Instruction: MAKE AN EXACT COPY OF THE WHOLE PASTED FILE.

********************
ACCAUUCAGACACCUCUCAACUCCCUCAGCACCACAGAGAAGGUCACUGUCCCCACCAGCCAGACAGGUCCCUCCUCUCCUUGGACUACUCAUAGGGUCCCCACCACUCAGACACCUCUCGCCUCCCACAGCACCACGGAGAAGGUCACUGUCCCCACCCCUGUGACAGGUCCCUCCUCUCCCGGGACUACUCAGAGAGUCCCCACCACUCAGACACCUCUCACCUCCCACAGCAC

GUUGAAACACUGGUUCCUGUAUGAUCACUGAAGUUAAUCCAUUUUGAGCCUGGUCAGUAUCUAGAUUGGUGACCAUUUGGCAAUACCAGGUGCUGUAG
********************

ACCAUUCAGACACCUCUCAACUCCCUCAGCACCACAGAGAAGGUCACUGUCCCCACCAGCCAGACAGGUCCCUCCUCUCCUUGGACUACUCAUAGGGUCCCCACCACUCAGACACCUCUCGCCUCCCACAGCACCACGGAGAAGGUCACUGUCCCCACCCCUGUGACAGGUCCCUCCUCUCCCGGGACUACUCAGAGAGUCCCCACCACUCAGACACCUCUCACCUCCCACAGCAC

GUUGAAACACUGGUUCCUGUAUGAUCACUGAAGUUAAUCCAUUUUGAGCCUGGUCAGUAUCUAGAUUGGUGACCAUUUGGCAAUACCAGGUGCUGUAG